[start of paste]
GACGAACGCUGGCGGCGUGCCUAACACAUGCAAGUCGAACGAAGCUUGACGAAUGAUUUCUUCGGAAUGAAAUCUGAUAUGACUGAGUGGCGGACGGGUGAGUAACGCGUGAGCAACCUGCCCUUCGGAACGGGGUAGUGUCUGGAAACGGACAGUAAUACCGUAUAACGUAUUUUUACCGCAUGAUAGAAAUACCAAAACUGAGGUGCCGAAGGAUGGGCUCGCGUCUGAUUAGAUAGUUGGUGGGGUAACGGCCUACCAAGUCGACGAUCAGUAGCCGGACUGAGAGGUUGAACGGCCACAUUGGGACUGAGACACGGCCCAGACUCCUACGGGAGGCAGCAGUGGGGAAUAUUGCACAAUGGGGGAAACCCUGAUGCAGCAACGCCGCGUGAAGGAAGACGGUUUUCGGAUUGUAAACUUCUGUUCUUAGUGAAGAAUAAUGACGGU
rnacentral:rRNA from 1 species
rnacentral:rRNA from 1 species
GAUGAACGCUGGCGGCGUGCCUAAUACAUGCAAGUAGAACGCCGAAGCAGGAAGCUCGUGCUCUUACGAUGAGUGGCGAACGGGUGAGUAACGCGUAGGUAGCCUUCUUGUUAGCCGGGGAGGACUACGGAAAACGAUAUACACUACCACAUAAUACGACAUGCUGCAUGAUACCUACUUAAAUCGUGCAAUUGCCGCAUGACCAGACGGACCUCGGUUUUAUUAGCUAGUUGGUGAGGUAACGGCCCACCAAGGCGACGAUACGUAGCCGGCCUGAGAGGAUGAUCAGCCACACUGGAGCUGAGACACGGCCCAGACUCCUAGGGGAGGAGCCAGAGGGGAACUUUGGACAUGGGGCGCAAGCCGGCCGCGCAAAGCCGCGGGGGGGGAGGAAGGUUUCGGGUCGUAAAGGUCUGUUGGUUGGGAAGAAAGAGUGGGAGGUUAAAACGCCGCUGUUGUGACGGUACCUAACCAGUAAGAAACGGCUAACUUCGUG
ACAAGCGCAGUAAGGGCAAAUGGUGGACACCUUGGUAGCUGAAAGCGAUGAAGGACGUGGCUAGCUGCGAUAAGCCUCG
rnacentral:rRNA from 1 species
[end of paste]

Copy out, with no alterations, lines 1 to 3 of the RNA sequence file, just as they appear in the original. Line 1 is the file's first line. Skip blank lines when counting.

GACGAACGCUGGCGGCGUGCCUAACACAUGCAAGUCGAACGAAGCUUGACGAAUGAUUUCUUCGGAAUGAAAUCUGAUAUGACUGAGUGGCGGACGGGUGAGUAACGCGUGAGCAACCUGCCCUUCGGAACGGGGUAGUGUCUGGAAACGGACAGUAAUACCGUAUAACGUAUUUUUACCGCAUGAUAGAAAUACCAAAACUGAGGUGCCGAAGGAUGGGCUCGCGUCUGAUUAGAUAGUUGGUGGGGUAACGGCCUACCAAGUCGACGAUCAGUAGCCGGACUGAGAGGUUGAACGGCCACAUUGGGACUGAGACACGGCCCAGACUCCUACGGGAGGCAGCAGUGGGGAAUAUUGCACAAUGGGGGAAACCCUGAUGCAGCAACGCCGCGUGAAGGAAGACGGUUUUCGGAUUGUAAACUUCUGUUCUUAGUGAAGAAUAAUGACGGU
rnacentral:rRNA from 1 species
rnacentral:rRNA from 1 species